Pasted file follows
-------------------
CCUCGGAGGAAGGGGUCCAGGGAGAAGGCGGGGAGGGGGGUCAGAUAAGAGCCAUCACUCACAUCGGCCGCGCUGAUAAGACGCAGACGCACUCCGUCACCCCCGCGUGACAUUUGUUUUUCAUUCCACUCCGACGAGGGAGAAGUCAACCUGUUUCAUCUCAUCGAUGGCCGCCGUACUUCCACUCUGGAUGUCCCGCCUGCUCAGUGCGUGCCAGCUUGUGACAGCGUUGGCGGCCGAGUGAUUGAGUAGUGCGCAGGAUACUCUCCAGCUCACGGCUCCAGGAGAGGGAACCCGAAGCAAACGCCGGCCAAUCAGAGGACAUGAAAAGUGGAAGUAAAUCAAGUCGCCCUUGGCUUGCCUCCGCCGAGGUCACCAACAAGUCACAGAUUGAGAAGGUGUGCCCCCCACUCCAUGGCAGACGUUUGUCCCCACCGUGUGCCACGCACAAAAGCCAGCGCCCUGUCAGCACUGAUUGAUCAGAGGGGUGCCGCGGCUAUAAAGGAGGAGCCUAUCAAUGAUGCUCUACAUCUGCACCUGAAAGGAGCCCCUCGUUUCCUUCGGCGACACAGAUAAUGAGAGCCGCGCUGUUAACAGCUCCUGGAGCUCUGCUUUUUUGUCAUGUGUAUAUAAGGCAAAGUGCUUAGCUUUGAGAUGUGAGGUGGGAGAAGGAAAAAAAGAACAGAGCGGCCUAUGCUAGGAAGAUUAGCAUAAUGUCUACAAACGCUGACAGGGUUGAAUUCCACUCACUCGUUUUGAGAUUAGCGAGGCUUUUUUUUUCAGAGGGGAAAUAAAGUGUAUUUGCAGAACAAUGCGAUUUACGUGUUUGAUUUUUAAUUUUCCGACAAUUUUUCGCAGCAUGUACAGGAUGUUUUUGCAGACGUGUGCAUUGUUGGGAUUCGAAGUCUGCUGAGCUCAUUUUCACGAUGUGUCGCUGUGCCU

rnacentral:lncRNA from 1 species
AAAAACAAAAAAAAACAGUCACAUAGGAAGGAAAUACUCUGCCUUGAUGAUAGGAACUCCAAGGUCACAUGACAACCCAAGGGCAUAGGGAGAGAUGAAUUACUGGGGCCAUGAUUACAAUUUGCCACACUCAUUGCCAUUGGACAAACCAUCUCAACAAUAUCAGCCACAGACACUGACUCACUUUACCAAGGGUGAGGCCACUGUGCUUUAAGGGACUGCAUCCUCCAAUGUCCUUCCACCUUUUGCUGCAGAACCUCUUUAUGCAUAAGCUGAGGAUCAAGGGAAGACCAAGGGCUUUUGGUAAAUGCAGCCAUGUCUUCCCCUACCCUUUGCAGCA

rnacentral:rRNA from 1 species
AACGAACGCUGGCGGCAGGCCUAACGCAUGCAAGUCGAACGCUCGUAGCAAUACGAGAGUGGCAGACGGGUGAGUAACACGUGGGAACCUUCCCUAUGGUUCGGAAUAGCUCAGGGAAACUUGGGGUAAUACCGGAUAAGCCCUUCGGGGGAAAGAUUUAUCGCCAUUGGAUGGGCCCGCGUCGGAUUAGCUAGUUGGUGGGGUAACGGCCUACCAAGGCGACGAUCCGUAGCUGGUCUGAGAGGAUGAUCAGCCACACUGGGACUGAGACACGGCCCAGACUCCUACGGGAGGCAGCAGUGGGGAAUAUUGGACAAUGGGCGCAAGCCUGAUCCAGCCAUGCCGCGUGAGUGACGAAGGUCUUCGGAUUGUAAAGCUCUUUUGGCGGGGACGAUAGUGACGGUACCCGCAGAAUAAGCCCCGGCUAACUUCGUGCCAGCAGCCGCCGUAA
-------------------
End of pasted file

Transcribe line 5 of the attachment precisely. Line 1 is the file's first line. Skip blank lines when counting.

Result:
AACGAACGCUGGCGGCAGGCCUAACGCAUGCAAGUCGAACGCUCGUAGCAAUACGAGAGUGGCAGACGGGUGAGUAACACGUGGGAACCUUCCCUAUGGUUCGGAAUAGCUCAGGGAAACUUGGGGUAAUACCGGAUAAGCCCUUCGGGGGAAAGAUUUAUCGCCAUUGGAUGGGCCCGCGUCGGAUUAGCUAGUUGGUGGGGUAACGGCCUACCAAGGCGACGAUCCGUAGCUGGUCUGAGAGGAUGAUCAGCCACACUGGGACUGAGACACGGCCCAGACUCCUACGGGAGGCAGCAGUGGGGAAUAUUGGACAAUGGGCGCAAGCCUGAUCCAGCCAUGCCGCGUGAGUGACGAAGGUCUUCGGAUUGUAAAGCUCUUUUGGCGGGGACGAUAGUGACGGUACCCGCAGAAUAAGCCCCGGCUAACUUCGUGCCAGCAGCCGCCGUAA